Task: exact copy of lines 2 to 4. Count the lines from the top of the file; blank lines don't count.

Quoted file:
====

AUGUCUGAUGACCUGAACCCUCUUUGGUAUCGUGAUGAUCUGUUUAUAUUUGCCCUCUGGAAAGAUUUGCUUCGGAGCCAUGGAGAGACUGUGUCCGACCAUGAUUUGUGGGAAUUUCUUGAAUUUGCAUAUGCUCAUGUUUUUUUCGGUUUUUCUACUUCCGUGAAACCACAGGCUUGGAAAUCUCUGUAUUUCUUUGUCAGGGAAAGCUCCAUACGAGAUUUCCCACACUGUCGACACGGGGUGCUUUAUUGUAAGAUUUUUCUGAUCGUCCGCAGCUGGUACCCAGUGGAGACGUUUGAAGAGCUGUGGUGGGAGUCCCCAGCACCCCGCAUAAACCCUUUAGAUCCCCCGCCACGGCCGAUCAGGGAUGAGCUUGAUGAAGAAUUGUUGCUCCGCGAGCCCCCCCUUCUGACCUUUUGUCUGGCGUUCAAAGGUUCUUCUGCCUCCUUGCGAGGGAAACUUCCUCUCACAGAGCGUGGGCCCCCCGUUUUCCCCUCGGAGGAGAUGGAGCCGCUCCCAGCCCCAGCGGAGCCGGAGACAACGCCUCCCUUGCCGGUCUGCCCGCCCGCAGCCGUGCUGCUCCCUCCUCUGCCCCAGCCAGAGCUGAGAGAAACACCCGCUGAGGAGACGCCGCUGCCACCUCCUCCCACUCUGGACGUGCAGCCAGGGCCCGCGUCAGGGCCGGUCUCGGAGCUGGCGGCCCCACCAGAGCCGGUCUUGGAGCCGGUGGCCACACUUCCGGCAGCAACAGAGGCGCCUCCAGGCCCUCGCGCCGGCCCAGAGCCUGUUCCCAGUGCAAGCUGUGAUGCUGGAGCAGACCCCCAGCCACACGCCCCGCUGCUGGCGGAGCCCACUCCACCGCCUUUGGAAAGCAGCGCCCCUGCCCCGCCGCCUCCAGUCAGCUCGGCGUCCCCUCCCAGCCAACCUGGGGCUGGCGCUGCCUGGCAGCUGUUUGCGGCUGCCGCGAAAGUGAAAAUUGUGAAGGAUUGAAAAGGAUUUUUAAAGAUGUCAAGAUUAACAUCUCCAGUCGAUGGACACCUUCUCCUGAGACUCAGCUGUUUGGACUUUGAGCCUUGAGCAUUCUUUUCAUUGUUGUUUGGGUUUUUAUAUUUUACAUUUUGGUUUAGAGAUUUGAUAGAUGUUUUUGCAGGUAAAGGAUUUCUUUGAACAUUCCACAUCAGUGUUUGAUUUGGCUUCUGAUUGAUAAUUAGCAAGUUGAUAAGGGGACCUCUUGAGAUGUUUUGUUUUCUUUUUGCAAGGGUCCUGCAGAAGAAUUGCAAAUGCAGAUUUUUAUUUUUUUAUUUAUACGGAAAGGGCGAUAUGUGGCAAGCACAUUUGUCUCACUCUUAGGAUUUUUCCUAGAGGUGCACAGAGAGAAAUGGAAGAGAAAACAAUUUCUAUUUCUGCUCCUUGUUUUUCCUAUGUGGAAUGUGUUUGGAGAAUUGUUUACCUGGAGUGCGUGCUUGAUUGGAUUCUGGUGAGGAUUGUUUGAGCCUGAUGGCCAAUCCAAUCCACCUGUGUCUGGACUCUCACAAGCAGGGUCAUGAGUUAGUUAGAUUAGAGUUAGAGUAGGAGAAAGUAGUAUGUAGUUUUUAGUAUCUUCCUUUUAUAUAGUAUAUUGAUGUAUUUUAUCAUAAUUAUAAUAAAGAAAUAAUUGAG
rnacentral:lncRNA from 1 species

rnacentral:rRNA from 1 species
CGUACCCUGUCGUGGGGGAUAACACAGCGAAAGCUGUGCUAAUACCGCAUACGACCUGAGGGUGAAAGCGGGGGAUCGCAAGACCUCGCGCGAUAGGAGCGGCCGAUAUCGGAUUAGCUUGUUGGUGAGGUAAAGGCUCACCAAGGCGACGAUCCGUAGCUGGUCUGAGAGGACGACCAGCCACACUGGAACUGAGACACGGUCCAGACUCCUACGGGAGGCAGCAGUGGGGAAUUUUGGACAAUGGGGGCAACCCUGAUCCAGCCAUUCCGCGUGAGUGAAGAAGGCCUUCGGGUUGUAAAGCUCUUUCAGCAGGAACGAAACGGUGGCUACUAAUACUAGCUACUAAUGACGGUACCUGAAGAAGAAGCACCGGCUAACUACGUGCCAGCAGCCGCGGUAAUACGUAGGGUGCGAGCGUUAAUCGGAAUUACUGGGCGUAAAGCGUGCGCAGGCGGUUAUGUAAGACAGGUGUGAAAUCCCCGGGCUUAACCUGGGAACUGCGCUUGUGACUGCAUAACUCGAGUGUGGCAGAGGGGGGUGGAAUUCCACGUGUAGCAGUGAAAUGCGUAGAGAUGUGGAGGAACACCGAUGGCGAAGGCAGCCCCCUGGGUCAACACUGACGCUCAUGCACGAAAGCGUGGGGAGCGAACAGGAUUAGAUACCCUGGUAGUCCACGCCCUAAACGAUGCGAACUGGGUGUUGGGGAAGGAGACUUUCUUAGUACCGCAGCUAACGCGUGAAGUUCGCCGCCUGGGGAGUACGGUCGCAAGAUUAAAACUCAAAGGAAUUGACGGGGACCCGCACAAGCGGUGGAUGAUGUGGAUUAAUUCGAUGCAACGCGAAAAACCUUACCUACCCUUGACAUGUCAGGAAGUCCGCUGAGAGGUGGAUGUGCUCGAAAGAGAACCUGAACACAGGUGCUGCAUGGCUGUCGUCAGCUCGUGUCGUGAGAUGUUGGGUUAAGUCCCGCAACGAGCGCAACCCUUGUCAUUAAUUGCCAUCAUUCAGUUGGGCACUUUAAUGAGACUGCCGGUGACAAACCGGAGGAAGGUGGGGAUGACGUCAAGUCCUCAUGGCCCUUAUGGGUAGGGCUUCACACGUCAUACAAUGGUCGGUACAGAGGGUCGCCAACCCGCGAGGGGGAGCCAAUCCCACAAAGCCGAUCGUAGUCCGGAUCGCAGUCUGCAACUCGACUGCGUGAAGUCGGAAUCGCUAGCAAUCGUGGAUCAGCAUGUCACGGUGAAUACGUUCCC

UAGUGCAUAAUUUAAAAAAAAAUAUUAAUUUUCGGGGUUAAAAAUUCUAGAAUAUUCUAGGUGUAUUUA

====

rnacentral:lncRNA from 1 species

rnacentral:rRNA from 1 species
CGUACCCUGUCGUGGGGGAUAACACAGCGAAAGCUGUGCUAAUACCGCAUACGACCUGAGGGUGAAAGCGGGGGAUCGCAAGACCUCGCGCGAUAGGAGCGGCCGAUAUCGGAUUAGCUUGUUGGUGAGGUAAAGGCUCACCAAGGCGACGAUCCGUAGCUGGUCUGAGAGGACGACCAGCCACACUGGAACUGAGACACGGUCCAGACUCCUACGGGAGGCAGCAGUGGGGAAUUUUGGACAAUGGGGGCAACCCUGAUCCAGCCAUUCCGCGUGAGUGAAGAAGGCCUUCGGGUUGUAAAGCUCUUUCAGCAGGAACGAAACGGUGGCUACUAAUACUAGCUACUAAUGACGGUACCUGAAGAAGAAGCACCGGCUAACUACGUGCCAGCAGCCGCGGUAAUACGUAGGGUGCGAGCGUUAAUCGGAAUUACUGGGCGUAAAGCGUGCGCAGGCGGUUAUGUAAGACAGGUGUGAAAUCCCCGGGCUUAACCUGGGAACUGCGCUUGUGACUGCAUAACUCGAGUGUGGCAGAGGGGGGUGGAAUUCCACGUGUAGCAGUGAAAUGCGUAGAGAUGUGGAGGAACACCGAUGGCGAAGGCAGCCCCCUGGGUCAACACUGACGCUCAUGCACGAAAGCGUGGGGAGCGAACAGGAUUAGAUACCCUGGUAGUCCACGCCCUAAACGAUGCGAACUGGGUGUUGGGGAAGGAGACUUUCUUAGUACCGCAGCUAACGCGUGAAGUUCGCCGCCUGGGGAGUACGGUCGCAAGAUUAAAACUCAAAGGAAUUGACGGGGACCCGCACAAGCGGUGGAUGAUGUGGAUUAAUUCGAUGCAACGCGAAAAACCUUACCUACCCUUGACAUGUCAGGAAGUCCGCUGAGAGGUGGAUGUGCUCGAAAGAGAACCUGAACACAGGUGCUGCAUGGCUGUCGUCAGCUCGUGUCGUGAGAUGUUGGGUUAAGUCCCGCAACGAGCGCAACCCUUGUCAUUAAUUGCCAUCAUUCAGUUGGGCACUUUAAUGAGACUGCCGGUGACAAACCGGAGGAAGGUGGGGAUGACGUCAAGUCCUCAUGGCCCUUAUGGGUAGGGCUUCACACGUCAUACAAUGGUCGGUACAGAGGGUCGCCAACCCGCGAGGGGGAGCCAAUCCCACAAAGCCGAUCGUAGUCCGGAUCGCAGUCUGCAACUCGACUGCGUGAAGUCGGAAUCGCUAGCAAUCGUGGAUCAGCAUGUCACGGUGAAUACGUUCCC